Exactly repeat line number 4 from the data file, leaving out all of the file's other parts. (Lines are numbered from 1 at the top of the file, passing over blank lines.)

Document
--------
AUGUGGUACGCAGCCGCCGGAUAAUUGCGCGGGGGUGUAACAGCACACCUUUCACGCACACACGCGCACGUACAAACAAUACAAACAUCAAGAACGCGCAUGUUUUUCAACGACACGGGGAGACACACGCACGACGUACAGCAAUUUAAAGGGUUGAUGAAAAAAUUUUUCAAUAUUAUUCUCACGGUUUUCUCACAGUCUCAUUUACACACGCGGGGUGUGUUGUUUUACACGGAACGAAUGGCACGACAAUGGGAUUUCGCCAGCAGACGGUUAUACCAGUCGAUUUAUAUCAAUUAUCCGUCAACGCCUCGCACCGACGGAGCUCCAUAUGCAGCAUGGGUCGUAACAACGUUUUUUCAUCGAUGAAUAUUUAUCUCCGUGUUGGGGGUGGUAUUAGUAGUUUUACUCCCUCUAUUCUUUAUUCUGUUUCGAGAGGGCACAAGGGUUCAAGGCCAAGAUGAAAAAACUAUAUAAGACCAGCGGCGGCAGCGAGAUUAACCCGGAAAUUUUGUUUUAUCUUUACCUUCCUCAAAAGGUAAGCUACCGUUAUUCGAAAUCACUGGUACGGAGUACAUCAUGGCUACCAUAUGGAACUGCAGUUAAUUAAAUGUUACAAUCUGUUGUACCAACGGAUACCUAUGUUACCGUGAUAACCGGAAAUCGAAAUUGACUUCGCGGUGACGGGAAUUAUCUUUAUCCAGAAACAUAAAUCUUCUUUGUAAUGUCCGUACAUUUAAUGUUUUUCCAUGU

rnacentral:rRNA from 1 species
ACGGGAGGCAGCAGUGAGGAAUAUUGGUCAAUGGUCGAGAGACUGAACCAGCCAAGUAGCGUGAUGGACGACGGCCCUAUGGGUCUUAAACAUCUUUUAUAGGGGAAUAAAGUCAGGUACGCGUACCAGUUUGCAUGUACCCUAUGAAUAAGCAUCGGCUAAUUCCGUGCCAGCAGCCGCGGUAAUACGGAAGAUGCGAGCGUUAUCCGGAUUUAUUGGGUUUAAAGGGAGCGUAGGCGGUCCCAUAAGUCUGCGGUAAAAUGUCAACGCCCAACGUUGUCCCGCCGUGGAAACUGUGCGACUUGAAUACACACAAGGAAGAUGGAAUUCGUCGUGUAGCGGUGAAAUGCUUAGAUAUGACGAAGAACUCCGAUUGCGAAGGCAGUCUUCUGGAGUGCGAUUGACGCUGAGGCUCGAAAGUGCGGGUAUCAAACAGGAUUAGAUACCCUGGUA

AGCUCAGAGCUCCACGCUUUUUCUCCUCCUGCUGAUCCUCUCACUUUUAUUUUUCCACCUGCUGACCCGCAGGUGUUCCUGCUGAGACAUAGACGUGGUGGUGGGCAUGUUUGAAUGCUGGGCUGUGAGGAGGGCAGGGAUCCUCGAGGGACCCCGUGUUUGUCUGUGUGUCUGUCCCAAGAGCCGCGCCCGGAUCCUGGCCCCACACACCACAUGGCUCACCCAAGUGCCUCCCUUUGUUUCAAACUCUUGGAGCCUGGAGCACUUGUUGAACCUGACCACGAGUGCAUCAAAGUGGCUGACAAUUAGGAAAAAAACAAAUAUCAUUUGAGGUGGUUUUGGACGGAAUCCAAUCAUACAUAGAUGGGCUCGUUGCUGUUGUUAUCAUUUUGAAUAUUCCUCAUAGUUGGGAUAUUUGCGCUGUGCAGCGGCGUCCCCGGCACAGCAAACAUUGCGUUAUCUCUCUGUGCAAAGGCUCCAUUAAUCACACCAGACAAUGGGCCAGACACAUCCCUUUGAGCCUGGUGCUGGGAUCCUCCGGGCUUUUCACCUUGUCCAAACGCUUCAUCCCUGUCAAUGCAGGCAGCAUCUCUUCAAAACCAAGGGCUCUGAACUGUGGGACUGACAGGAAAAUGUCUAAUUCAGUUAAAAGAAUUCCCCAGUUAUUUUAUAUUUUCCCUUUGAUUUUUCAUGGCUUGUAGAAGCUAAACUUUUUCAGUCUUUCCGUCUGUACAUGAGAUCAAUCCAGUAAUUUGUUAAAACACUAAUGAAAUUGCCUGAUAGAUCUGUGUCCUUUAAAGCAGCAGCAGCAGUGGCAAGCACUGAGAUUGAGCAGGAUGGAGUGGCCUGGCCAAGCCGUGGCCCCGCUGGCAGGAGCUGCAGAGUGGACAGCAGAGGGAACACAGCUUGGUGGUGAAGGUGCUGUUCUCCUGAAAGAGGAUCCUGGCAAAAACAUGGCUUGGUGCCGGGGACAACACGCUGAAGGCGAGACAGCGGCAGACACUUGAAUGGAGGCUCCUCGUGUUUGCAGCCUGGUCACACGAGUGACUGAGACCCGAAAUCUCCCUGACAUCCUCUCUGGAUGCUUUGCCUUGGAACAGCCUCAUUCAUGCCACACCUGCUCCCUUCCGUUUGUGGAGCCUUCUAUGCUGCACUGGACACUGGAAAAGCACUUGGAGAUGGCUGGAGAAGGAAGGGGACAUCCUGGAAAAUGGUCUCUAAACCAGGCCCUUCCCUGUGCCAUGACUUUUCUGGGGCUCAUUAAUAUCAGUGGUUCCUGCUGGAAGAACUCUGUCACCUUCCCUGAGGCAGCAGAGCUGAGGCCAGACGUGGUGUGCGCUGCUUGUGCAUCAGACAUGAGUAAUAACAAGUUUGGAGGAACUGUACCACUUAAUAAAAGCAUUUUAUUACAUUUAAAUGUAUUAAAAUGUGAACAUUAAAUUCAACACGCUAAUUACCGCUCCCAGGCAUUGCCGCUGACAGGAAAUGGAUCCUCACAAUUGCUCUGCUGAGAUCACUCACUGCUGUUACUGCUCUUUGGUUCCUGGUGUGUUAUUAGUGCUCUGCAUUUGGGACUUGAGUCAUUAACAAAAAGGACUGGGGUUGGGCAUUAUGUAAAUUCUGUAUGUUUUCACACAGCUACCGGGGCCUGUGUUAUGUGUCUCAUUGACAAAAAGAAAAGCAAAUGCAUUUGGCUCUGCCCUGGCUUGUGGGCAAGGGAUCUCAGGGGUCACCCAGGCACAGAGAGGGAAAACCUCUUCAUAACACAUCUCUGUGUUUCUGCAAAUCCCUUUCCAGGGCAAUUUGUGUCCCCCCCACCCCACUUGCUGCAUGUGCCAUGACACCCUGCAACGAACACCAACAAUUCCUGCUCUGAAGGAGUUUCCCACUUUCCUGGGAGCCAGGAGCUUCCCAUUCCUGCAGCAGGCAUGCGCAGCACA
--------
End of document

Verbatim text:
AGCUCAGAGCUCCACGCUUUUUCUCCUCCUGCUGAUCCUCUCACUUUUAUUUUUCCACCUGCUGACCCGCAGGUGUUCCUGCUGAGACAUAGACGUGGUGGUGGGCAUGUUUGAAUGCUGGGCUGUGAGGAGGGCAGGGAUCCUCGAGGGACCCCGUGUUUGUCUGUGUGUCUGUCCCAAGAGCCGCGCCCGGAUCCUGGCCCCACACACCACAUGGCUCACCCAAGUGCCUCCCUUUGUUUCAAACUCUUGGAGCCUGGAGCACUUGUUGAACCUGACCACGAGUGCAUCAAAGUGGCUGACAAUUAGGAAAAAAACAAAUAUCAUUUGAGGUGGUUUUGGACGGAAUCCAAUCAUACAUAGAUGGGCUCGUUGCUGUUGUUAUCAUUUUGAAUAUUCCUCAUAGUUGGGAUAUUUGCGCUGUGCAGCGGCGUCCCCGGCACAGCAAACAUUGCGUUAUCUCUCUGUGCAAAGGCUCCAUUAAUCACACCAGACAAUGGGCCAGACACAUCCCUUUGAGCCUGGUGCUGGGAUCCUCCGGGCUUUUCACCUUGUCCAAACGCUUCAUCCCUGUCAAUGCAGGCAGCAUCUCUUCAAAACCAAGGGCUCUGAACUGUGGGACUGACAGGAAAAUGUCUAAUUCAGUUAAAAGAAUUCCCCAGUUAUUUUAUAUUUUCCCUUUGAUUUUUCAUGGCUUGUAGAAGCUAAACUUUUUCAGUCUUUCCGUCUGUACAUGAGAUCAAUCCAGUAAUUUGUUAAAACACUAAUGAAAUUGCCUGAUAGAUCUGUGUCCUUUAAAGCAGCAGCAGCAGUGGCAAGCACUGAGAUUGAGCAGGAUGGAGUGGCCUGGCCAAGCCGUGGCCCCGCUGGCAGGAGCUGCAGAGUGGACAGCAGAGGGAACACAGCUUGGUGGUGAAGGUGCUGUUCUCCUGAAAGAGGAUCCUGGCAAAAACAUGGCUUGGUGCCGGGGACAACACGCUGAAGGCGAGACAGCGGCAGACACUUGAAUGGAGGCUCCUCGUGUUUGCAGCCUGGUCACACGAGUGACUGAGACCCGAAAUCUCCCUGACAUCCUCUCUGGAUGCUUUGCCUUGGAACAGCCUCAUUCAUGCCACACCUGCUCCCUUCCGUUUGUGGAGCCUUCUAUGCUGCACUGGACACUGGAAAAGCACUUGGAGAUGGCUGGAGAAGGAAGGGGACAUCCUGGAAAAUGGUCUCUAAACCAGGCCCUUCCCUGUGCCAUGACUUUUCUGGGGCUCAUUAAUAUCAGUGGUUCCUGCUGGAAGAACUCUGUCACCUUCCCUGAGGCAGCAGAGCUGAGGCCAGACGUGGUGUGCGCUGCUUGUGCAUCAGACAUGAGUAAUAACAAGUUUGGAGGAACUGUACCACUUAAUAAAAGCAUUUUAUUACAUUUAAAUGUAUUAAAAUGUGAACAUUAAAUUCAACACGCUAAUUACCGCUCCCAGGCAUUGCCGCUGACAGGAAAUGGAUCCUCACAAUUGCUCUGCUGAGAUCACUCACUGCUGUUACUGCUCUUUGGUUCCUGGUGUGUUAUUAGUGCUCUGCAUUUGGGACUUGAGUCAUUAACAAAAAGGACUGGGGUUGGGCAUUAUGUAAAUUCUGUAUGUUUUCACACAGCUACCGGGGCCUGUGUUAUGUGUCUCAUUGACAAAAAGAAAAGCAAAUGCAUUUGGCUCUGCCCUGGCUUGUGGGCAAGGGAUCUCAGGGGUCACCCAGGCACAGAGAGGGAAAACCUCUUCAUAACACAUCUCUGUGUUUCUGCAAAUCCCUUUCCAGGGCAAUUUGUGUCCCCCCCACCCCACUUGCUGCAUGUGCCAUGACACCCUGCAACGAACACCAACAAUUCCUGCUCUGAAGGAGUUUCCCACUUUCCUGGGAGCCAGGAGCUUCCCAUUCCUGCAGCAGGCAUGCGCAGCACA